1. Work is bad. After all, it was beneath the dignity of gods, even the gods who lost the war, to work. People were created as the gods’ slaves to do things the things they shouldn’t have to do.

2. Work is the purpose of life. People often look at life’s purpose in terms of what they were created for.  According to the Babylonians, we were created to work.

3. Work defines our relationship to the gods. Since the Babylonian gods see people primarily as workers, it would be logical for humans’ relationship with them to depend on how well people fulfill their function.

4. Inferior people do inferior work. This story doesn’t make distinctions between classes of people, but if the gods pass unpleasant tasks on to inferior beings, there’s no reason for humans not to do the same. This could lead to oppression and slavery or to the view that people who do jobs we see as inferior are less valuable.

Do any of these attitudes look familiar? They should, because even though the story I drew them from has passed into obscurity, these ideas are alive and well.

Many people point out similarities between the Bible and Babylonian myths, but behind any superficial similarities stand two completely opposed worldviews. In fact, all of the myths about work that I just listed go directly against the Bible’s teaching. I hope that this will be the first of a series of posts that address each one of these myths, along with any others I think of. I don’t know how long it will take me, but I hope what I write will be helpful as you think about your own job and the role work plays in your life.

Sunday, October 28, 2012

A Mighty Fortress Is Our God

Today is one of my favorite almost-unknown holidays: Reformation Sunday. On October 31, 1517, Martin Luther posted his 95 Theses, beginning the Protestant Reformation. Many churches celebrate this historic event on the last Sunday in October.

The church that I grew up in didn’t do much for Reformation Sunday, with one notable exception. Our organist and choir director Mr. Spicer is very conscious of all dates that had special significance for the church. He changes the music for seasons of the liturgical calendar like Advent and Lent and chooses songs to mark Pentecost, Ascension Sunday and Trinity Sunday. (I imagine some of my Christian friends are scratching their heads, surprised that such days even exist.)

When I was in high school, for Reformation Sunday Mr. Spicer would do two things. One is that he would have the choir sing an impressive, chant-like rendition of Psalm 46. The other is that we would sing Martin Luther’s most famous hymn, “A Mighty Fortress Is Our God.”

This was a powerful experience. I wish I could convey the sense of awe that accompanied Mr. Spicer’s version of this hymn. He pulled out all the stops (pun intended). To quote my parents, on verse 3, Mr. Spicer would open up the pipes on the organ and let the demons out. You could hear the chaos of “this world with devils filled” and had no choice but to cling to the melody as best you could. The whole arrangement did a great job of expressing the dangers and challenges that we face as followers of Christ, but it ended on a triumphant note that proclaimed our hope in the ultimate victory of God.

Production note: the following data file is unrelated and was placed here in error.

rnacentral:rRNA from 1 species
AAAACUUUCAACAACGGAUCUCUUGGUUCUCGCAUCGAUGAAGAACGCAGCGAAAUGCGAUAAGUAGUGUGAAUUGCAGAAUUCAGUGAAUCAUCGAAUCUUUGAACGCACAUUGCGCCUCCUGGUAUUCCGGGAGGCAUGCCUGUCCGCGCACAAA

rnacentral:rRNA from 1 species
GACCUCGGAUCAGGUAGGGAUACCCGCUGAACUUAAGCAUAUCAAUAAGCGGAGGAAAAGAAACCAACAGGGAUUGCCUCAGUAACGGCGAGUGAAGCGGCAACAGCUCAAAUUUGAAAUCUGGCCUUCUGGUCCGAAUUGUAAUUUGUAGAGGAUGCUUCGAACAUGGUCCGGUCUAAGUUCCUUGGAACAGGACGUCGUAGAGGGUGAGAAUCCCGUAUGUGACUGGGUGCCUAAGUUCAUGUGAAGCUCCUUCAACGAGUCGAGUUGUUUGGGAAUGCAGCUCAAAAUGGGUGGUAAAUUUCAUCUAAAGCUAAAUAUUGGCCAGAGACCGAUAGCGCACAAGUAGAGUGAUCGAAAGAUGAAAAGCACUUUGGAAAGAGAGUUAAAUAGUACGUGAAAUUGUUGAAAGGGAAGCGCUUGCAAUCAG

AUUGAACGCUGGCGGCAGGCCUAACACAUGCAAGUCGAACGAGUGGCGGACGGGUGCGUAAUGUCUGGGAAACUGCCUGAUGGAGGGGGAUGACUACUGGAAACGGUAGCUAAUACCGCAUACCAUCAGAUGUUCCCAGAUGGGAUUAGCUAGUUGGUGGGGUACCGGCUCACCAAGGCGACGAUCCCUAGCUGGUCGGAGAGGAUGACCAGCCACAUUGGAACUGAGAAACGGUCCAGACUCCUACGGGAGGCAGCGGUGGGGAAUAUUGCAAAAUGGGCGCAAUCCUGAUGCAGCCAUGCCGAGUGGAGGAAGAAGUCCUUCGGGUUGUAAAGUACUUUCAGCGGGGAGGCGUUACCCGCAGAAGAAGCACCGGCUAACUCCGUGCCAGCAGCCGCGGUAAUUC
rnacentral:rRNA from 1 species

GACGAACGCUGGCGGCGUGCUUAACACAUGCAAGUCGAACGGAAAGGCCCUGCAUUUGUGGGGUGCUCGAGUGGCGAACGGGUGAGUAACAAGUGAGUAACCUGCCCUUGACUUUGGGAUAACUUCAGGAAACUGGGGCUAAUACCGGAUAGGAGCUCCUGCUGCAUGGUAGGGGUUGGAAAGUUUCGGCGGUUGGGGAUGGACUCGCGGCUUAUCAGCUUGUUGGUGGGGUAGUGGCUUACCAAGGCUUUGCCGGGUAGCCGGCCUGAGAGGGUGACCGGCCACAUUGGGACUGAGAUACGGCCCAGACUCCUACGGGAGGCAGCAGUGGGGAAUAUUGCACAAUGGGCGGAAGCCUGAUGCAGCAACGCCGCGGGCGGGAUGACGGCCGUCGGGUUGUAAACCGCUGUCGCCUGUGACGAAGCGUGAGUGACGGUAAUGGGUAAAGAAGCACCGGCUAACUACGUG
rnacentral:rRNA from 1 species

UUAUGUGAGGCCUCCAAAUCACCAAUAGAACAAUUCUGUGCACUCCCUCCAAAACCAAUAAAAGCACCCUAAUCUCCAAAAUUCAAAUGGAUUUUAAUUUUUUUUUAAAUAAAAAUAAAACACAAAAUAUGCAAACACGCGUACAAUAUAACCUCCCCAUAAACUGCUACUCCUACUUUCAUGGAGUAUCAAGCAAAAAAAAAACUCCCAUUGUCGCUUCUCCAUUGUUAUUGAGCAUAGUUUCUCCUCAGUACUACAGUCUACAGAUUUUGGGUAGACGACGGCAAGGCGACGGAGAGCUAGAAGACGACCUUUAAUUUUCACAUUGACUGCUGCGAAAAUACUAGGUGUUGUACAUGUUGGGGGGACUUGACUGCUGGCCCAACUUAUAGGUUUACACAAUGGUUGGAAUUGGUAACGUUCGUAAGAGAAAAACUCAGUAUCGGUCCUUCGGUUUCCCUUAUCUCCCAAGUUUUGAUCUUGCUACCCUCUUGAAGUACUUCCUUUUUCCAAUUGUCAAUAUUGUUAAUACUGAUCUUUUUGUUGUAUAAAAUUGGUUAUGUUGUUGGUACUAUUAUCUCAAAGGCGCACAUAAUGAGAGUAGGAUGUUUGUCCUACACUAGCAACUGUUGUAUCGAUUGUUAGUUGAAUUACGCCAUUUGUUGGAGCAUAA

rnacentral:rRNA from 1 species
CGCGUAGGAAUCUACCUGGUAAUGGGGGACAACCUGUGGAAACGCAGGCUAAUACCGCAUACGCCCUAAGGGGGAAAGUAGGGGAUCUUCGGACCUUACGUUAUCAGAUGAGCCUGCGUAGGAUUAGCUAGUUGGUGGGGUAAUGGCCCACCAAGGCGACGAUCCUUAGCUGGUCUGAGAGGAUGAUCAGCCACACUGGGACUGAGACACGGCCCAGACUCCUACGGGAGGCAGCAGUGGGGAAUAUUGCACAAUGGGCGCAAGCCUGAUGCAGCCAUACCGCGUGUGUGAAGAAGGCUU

Even apart from the amazing accompaniment, this hymn still gives me great comfort when I’m feeling afraid or discouraged, especially if I think spiritual warfare is involved. It’s definitely one of my favorite hymns.

So without further ado here are the words to “A Mighty Fortress.”

A mighty fortress is our God,
a bulwark never failing;
our helper he amid the flood
of mortal ills prevaling.
For still our ancient foe
doth seek to work us woe;
his craft and power are great,
and armed with cruel hate,
on earth is not his equal.

Did we in our own strength confide,
our striving would be losing,
were not the right man on our side,
the man of God's own choosing.
Dost ask who that may be?
Christ Jesus, it is he;
Lord Sabaoth, his name,
from age to age the same,
and he must win the battle.

And though this world, with devils filled,
should threaten to undo us,
we will not fear, for God hath willed
his truth to triumph through us.
The Prince of Darkness grim,
we tremble not for him;
his rage we can endure,
for lo, his doom is sure;
one little word shall fell him.

That word above all earthly powers,
no thanks to them, abideth;
the Spirit and the gifts are ours,
thru him who with us sideth.
Let goods and kindred go,
this mortal life also;
the body they may kill;
God's truth abideth still;
his kingdom is forever.

Wednesday, October 24, 2012

Don't Worry – It's Just the End of the World

One of the downsides of growing up a Christian is that I’m a bit too used to Jesus. I’ve read all the Gospels before, so I tend to skim over some of the interesting, profound and downright weird things Jesus says.

I ran into one of the last of those as I was preparing for a Bible study last week. Among other passages, we were looking at Luke 21:25-28.

“… And there will be signs in sun and moon and stars, and on the earth distress of nations in perplexity because of the roaring of the sea and the waves, people fainting with fear and with foreboding of what is coming on the world. For the powers of the heavens will be shaken. And then they will see the Son of Man coming in a cloud with power and great glory. Now when these things begin to take place, straighten up and raise your heads, because your redemption is drawing near.”

Wait. What? Jesus was just talking about all kinds of horrible things happening. Earlier verses talked about wars, earthquakes, famines and plagues. Now even the planets and stars are moving out of their orbits. To me, the logical response to all of this would be to hide. But that’s not what Jesus says to do.